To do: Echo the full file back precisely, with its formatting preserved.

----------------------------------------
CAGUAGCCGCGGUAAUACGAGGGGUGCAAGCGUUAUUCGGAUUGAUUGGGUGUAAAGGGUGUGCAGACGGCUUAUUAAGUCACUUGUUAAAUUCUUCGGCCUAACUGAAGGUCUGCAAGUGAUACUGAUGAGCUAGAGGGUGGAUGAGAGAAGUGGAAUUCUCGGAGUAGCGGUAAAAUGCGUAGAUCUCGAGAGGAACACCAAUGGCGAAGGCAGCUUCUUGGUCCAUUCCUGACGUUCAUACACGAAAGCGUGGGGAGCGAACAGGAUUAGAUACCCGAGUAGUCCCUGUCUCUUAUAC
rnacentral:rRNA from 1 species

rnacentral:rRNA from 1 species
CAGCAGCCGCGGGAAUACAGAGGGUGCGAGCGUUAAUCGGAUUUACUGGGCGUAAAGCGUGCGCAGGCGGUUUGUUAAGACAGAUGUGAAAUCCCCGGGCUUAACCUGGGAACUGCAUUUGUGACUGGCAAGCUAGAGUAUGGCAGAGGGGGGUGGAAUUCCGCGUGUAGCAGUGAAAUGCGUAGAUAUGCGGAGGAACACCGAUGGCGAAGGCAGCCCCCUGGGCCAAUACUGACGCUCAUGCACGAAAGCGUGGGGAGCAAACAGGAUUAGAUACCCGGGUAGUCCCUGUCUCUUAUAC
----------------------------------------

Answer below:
CAGUAGCCGCGGUAAUACGAGGGGUGCAAGCGUUAUUCGGAUUGAUUGGGUGUAAAGGGUGUGCAGACGGCUUAUUAAGUCACUUGUUAAAUUCUUCGGCCUAACUGAAGGUCUGCAAGUGAUACUGAUGAGCUAGAGGGUGGAUGAGAGAAGUGGAAUUCUCGGAGUAGCGGUAAAAUGCGUAGAUCUCGAGAGGAACACCAAUGGCGAAGGCAGCUUCUUGGUCCAUUCCUGACGUUCAUACACGAAAGCGUGGGGAGCGAACAGGAUUAGAUACCCGAGUAGUCCCUGUCUCUUAUAC
rnacentral:rRNA from 1 species

rnacentral:rRNA from 1 species
CAGCAGCCGCGGGAAUACAGAGGGUGCGAGCGUUAAUCGGAUUUACUGGGCGUAAAGCGUGCGCAGGCGGUUUGUUAAGACAGAUGUGAAAUCCCCGGGCUUAACCUGGGAACUGCAUUUGUGACUGGCAAGCUAGAGUAUGGCAGAGGGGGGUGGAAUUCCGCGUGUAGCAGUGAAAUGCGUAGAUAUGCGGAGGAACACCGAUGGCGAAGGCAGCCCCCUGGGCCAAUACUGACGCUCAUGCACGAAAGCGUGGGGAGCAAACAGGAUUAGAUACCCGGGUAGUCCCUGUCUCUUAUAC